Pack Mules Leaving Crescent City


At one point, Crescent City was the center for supplies for the inland mines. Pack trains were commonplace, with some consisting of 200 animals at once. They generally carried two and a half tons of bacon, flour, whiskey, sugar, coffee, saleratus (a precursor to baking soda,) matches, whale oil, lard, salt, fry pans and pans, and various tools and hardware, making life possible in the remote camps, included Altaville, Sailor Diggings and Althouse.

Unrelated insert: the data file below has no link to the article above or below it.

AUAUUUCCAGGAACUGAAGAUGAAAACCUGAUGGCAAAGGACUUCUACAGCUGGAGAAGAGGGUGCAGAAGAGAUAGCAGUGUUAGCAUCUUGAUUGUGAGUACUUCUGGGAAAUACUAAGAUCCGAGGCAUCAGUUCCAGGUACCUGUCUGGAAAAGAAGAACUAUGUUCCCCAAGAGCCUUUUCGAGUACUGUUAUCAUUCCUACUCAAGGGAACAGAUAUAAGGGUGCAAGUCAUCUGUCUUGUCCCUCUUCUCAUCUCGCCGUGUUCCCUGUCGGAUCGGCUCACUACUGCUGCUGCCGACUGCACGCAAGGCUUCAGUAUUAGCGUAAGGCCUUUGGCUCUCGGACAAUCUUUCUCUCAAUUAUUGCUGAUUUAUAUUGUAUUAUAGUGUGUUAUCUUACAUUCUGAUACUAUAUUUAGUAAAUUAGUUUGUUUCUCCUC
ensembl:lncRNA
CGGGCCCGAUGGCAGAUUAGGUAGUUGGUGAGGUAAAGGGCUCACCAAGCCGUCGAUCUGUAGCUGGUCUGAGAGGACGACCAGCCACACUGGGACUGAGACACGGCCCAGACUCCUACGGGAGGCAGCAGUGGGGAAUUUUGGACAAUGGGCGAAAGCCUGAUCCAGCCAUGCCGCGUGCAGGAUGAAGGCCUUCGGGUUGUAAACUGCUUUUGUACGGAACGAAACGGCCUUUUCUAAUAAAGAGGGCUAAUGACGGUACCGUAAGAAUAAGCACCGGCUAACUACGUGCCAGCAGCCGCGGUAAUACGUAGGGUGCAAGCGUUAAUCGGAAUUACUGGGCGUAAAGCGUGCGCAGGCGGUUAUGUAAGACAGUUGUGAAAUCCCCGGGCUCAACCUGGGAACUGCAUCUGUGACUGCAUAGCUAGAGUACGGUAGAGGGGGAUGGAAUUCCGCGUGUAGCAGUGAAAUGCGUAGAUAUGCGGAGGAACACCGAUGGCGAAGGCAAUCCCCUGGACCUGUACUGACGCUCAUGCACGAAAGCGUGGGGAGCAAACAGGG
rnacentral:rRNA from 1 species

From the beginning, Crescent City’s recognized destiny was to supply the mining camps of Southern Oregon and what is now Siskiyou and Del Norte counties, making Crescent City the most important port between San Francisco and the Columbia River in the 1850s. Pack trains continued to supply the camps and the miners of the middle Klamath and eastern Del Norte County for many years by means of the trail which went over Howland Hill, east of Crescent City, crossing Mill Creek, and down the ridge south of that area.

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